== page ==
Published Dec 21, 2017As 2017 draws to a close, the tarnished reputation of North American police officers continues to sink; every week brings new reports of reckless police violence, corruption and discrimination. It'll be interesting to watch how the entertainment industry tells stories about this important shift in societal perception of cops — from hero-worship to contempt and distrust. Will writers and filmmakers successfully frame stories in a way that cuts to the centre of the nature of unchecked power?
Or, will they model themselves after director David Ayers and make a faux-philosophical film about the inner worth of Orcs with guns?
The film Bright stars Will Smith and Joel Edgerton in an alternate-universe Los Angeles, a city filled with ostracized Orcs, one-percenter elves and corrupt humans, all at each other's throats. Smith plays Officer Ward, a jaded family man who resents his forced partnership with Jakoby, America's first Orc police officer. Ward's characterization reveals itself in subtle gestures, such as when he snarls "Fairy lives don't matter," as he beats a spritely creature to death in his front yard. Get it? People of colour can be racist, too! It's a twist worthy of M. Night Shyamalan. Edgerton plays "diversity hire" Officer Jakoby as an Orc with a heart of gold trying to overcome prejudice against his marginalized race.
If Bright sounds slightly heavy-handed and bizarre, it's because it is. In any artistic experiment that plays with actual social issues there's a tangible risk of disrespecting real-life victims. Screenwriter Max Landis (American Ultra) and Ayer throw caution to the wind and play Bright's central metaphor — that race should play no part in determining anyone's worth or capabilities — like a goddamn xylophone, blindly hitting whatever note is within reach. The confidence of white men never fails to astonish.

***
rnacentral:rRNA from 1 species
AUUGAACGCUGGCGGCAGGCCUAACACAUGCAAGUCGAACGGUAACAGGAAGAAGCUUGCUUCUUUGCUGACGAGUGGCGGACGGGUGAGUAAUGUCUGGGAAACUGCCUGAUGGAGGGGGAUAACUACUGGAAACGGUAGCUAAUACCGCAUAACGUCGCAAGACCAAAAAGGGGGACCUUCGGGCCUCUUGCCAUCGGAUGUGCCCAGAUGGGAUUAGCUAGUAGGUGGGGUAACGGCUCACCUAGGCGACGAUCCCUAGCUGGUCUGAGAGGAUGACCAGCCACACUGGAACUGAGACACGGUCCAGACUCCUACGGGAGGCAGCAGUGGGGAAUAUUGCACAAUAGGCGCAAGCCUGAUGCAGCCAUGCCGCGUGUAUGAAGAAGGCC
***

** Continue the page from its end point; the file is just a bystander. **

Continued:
Luckily for Bright, it possesses the Will Smith factor. Smith is so magnetic and generous an actor that he could easily co-star with a wilted piece of asparagus and make the banter work. He's well matched with Joel Edgerton (Loving), who displays subtlety through a good inch of Orc makeup, and deftly responds to Smith's ability to anchor a scene; he chats endearingly all through Ward's hostile silences and makes Jacoby feel less pure and downtrodden. Australian actress Lucy Fry tags along as Tikka, a persecuted elf trying to keep a rare magic wand from an evil cult, moaning in Elvish and shrieking at all she sees like a reinterpretation of Jodie Foster's portrayal of Nell. The film wants to make them into an iconic trio, but the way Tikka is written has Fry feeling more like a package to be delivered than a complex being.
There's also a subplot about a prophecy, countless brutal shootouts, and a lot of fuss about an ancient magic wand that must be protected or an Elvish cult will destroy the world, but it's all just sound and fury.
The Netflix release of Bright drops just before Christmas, providing a perfect post-turkey viewing choice for that one problematic uncle who might respond to this film's assertion that race shouldn't matter between bros. Bright is one of the most peculiar films of the year, a distinction that is in some ways complimentary. Audiences may laugh uproariously, find themselves completely entranced, or simply raise an eyebrow at the sheer audacity of it all. (Netflix)